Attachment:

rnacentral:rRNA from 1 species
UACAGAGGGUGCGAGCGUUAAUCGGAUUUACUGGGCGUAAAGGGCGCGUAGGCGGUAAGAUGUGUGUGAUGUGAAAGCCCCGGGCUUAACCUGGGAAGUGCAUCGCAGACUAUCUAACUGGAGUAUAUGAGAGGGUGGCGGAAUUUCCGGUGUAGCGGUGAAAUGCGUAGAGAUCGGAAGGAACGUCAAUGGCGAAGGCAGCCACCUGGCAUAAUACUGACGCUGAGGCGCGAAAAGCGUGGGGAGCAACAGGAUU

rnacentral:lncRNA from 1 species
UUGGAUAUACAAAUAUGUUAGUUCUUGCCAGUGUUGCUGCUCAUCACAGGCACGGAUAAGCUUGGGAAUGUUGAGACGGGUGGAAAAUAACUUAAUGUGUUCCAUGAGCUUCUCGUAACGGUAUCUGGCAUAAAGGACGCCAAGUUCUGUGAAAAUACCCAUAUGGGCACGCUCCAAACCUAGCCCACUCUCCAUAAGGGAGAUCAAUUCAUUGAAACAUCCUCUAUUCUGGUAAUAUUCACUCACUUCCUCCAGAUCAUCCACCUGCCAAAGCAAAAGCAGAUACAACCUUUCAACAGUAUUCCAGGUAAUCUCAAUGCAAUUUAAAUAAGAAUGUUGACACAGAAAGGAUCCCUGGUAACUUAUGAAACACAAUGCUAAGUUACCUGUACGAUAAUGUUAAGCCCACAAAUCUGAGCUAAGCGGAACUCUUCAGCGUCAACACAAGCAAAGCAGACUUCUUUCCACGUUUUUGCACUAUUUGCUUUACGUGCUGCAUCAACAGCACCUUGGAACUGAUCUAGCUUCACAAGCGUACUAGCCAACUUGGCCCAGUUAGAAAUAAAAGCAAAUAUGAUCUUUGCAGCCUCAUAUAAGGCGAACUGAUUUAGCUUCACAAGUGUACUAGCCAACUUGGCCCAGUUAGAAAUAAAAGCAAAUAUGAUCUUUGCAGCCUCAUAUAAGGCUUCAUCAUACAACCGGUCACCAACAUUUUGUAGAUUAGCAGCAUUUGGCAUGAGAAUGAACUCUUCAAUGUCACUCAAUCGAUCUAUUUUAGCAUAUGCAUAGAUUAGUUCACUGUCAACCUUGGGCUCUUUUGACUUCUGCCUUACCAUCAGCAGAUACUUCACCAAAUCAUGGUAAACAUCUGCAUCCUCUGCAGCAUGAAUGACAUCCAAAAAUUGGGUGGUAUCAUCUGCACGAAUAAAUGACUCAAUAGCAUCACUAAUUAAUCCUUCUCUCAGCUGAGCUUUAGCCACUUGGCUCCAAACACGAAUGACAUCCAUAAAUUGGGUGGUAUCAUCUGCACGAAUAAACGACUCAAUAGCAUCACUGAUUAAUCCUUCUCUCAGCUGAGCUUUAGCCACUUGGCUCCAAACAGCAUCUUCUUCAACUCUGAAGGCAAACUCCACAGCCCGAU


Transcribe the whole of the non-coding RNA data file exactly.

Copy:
rnacentral:rRNA from 1 species
UACAGAGGGUGCGAGCGUUAAUCGGAUUUACUGGGCGUAAAGGGCGCGUAGGCGGUAAGAUGUGUGUGAUGUGAAAGCCCCGGGCUUAACCUGGGAAGUGCAUCGCAGACUAUCUAACUGGAGUAUAUGAGAGGGUGGCGGAAUUUCCGGUGUAGCGGUGAAAUGCGUAGAGAUCGGAAGGAACGUCAAUGGCGAAGGCAGCCACCUGGCAUAAUACUGACGCUGAGGCGCGAAAAGCGUGGGGAGCAACAGGAUU

rnacentral:lncRNA from 1 species
UUGGAUAUACAAAUAUGUUAGUUCUUGCCAGUGUUGCUGCUCAUCACAGGCACGGAUAAGCUUGGGAAUGUUGAGACGGGUGGAAAAUAACUUAAUGUGUUCCAUGAGCUUCUCGUAACGGUAUCUGGCAUAAAGGACGCCAAGUUCUGUGAAAAUACCCAUAUGGGCACGCUCCAAACCUAGCCCACUCUCCAUAAGGGAGAUCAAUUCAUUGAAACAUCCUCUAUUCUGGUAAUAUUCACUCACUUCCUCCAGAUCAUCCACCUGCCAAAGCAAAAGCAGAUACAACCUUUCAACAGUAUUCCAGGUAAUCUCAAUGCAAUUUAAAUAAGAAUGUUGACACAGAAAGGAUCCCUGGUAACUUAUGAAACACAAUGCUAAGUUACCUGUACGAUAAUGUUAAGCCCACAAAUCUGAGCUAAGCGGAACUCUUCAGCGUCAACACAAGCAAAGCAGACUUCUUUCCACGUUUUUGCACUAUUUGCUUUACGUGCUGCAUCAACAGCACCUUGGAACUGAUCUAGCUUCACAAGCGUACUAGCCAACUUGGCCCAGUUAGAAAUAAAAGCAAAUAUGAUCUUUGCAGCCUCAUAUAAGGCGAACUGAUUUAGCUUCACAAGUGUACUAGCCAACUUGGCCCAGUUAGAAAUAAAAGCAAAUAUGAUCUUUGCAGCCUCAUAUAAGGCUUCAUCAUACAACCGGUCACCAACAUUUUGUAGAUUAGCAGCAUUUGGCAUGAGAAUGAACUCUUCAAUGUCACUCAAUCGAUCUAUUUUAGCAUAUGCAUAGAUUAGUUCACUGUCAACCUUGGGCUCUUUUGACUUCUGCCUUACCAUCAGCAGAUACUUCACCAAAUCAUGGUAAACAUCUGCAUCCUCUGCAGCAUGAAUGACAUCCAAAAAUUGGGUGGUAUCAUCUGCACGAAUAAAUGACUCAAUAGCAUCACUAAUUAAUCCUUCUCUCAGCUGAGCUUUAGCCACUUGGCUCCAAACACGAAUGACAUCCAUAAAUUGGGUGGUAUCAUCUGCACGAAUAAACGACUCAAUAGCAUCACUGAUUAAUCCUUCUCUCAGCUGAGCUUUAGCCACUUGGCUCCAAACAGCAUCUUCUUCAACUCUGAAGGCAAACUCCACAGCCCGAU